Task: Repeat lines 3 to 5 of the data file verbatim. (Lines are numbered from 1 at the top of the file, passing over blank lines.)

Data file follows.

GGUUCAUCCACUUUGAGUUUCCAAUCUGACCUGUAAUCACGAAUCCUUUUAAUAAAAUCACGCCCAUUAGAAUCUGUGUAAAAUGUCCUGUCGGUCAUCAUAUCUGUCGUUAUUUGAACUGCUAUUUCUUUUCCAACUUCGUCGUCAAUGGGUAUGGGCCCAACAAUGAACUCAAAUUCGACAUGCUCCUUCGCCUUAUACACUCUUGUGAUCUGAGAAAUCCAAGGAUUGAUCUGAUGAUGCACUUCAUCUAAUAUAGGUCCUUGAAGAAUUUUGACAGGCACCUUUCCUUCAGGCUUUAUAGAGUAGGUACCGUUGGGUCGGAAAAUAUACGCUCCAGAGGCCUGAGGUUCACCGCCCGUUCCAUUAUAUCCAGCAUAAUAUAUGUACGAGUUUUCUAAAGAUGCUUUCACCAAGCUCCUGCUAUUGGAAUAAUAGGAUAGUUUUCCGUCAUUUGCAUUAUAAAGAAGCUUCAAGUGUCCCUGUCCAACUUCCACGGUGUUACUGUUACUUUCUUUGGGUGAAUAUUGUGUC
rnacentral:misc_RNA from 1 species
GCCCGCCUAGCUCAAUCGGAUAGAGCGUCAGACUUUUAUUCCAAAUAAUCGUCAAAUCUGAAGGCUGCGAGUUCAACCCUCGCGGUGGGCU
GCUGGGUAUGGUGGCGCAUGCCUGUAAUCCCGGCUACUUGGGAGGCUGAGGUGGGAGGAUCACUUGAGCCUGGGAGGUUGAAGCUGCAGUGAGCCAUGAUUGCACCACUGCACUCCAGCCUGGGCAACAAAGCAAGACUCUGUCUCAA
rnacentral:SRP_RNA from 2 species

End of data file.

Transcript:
GCCCGCCUAGCUCAAUCGGAUAGAGCGUCAGACUUUUAUUCCAAAUAAUCGUCAAAUCUGAAGGCUGCGAGUUCAACCCUCGCGGUGGGCU
GCUGGGUAUGGUGGCGCAUGCCUGUAAUCCCGGCUACUUGGGAGGCUGAGGUGGGAGGAUCACUUGAGCCUGGGAGGUUGAAGCUGCAGUGAGCCAUGAUUGCACCACUGCACUCCAGCCUGGGCAACAAAGCAAGACUCUGUCUCAA
rnacentral:SRP_RNA from 2 species